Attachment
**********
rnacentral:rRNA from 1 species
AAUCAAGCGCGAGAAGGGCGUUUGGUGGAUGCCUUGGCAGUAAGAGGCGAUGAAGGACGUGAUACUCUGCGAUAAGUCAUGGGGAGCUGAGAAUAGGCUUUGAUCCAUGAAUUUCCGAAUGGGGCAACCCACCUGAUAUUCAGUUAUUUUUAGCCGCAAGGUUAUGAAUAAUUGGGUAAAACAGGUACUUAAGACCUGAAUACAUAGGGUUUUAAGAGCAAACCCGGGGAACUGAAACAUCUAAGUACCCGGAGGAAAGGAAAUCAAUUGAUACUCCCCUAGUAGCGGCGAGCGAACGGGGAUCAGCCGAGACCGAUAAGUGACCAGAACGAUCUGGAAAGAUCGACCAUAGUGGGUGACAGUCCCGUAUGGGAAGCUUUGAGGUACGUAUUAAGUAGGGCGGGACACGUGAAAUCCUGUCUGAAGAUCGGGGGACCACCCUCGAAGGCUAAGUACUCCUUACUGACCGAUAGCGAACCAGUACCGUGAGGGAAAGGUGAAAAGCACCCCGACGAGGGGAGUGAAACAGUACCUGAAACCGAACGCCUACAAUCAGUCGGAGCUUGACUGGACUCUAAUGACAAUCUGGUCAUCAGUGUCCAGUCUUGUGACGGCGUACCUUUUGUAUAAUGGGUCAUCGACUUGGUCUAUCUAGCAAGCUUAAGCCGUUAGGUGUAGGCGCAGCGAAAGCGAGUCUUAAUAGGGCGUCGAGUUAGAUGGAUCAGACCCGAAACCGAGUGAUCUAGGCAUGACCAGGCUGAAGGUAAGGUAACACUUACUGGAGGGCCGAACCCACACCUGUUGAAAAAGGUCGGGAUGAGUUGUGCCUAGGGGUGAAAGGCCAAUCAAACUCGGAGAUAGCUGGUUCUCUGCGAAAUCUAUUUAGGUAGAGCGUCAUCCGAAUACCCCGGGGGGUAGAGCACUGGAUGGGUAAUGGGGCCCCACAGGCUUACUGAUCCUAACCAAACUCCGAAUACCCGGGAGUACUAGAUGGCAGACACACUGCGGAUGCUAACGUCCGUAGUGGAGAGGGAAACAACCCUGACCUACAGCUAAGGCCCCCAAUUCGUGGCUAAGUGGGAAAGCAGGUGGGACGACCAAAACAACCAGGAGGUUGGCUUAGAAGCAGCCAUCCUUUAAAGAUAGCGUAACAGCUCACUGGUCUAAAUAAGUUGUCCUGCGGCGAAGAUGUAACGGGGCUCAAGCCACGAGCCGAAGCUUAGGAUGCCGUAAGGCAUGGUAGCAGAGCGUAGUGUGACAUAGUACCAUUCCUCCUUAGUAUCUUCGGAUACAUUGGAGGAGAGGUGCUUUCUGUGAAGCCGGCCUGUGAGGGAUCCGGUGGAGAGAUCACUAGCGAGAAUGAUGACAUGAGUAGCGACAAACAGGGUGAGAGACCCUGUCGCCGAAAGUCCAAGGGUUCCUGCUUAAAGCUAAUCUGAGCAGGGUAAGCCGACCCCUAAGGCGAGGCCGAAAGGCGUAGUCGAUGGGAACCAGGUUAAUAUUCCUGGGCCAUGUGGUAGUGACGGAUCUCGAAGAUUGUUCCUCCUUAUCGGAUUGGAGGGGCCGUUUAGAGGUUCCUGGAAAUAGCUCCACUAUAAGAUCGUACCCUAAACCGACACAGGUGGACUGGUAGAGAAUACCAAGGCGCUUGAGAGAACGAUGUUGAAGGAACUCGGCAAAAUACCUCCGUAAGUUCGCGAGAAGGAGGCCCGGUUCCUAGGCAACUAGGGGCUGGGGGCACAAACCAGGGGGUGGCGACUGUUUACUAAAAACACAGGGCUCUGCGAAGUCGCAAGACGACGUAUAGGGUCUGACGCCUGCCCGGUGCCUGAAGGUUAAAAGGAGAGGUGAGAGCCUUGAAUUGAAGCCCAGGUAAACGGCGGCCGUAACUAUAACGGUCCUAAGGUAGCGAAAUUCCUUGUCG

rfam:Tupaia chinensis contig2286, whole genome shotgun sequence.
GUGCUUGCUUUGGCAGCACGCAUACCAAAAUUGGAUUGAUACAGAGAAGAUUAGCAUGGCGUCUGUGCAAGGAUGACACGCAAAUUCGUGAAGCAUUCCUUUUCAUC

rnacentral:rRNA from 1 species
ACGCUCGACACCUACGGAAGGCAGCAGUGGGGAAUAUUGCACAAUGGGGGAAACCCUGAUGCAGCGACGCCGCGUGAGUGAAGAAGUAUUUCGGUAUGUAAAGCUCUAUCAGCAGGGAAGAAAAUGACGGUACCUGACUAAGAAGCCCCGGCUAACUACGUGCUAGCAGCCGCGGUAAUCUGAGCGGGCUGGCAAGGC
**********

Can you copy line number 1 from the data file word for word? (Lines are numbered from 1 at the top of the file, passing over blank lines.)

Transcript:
rnacentral:rRNA from 1 species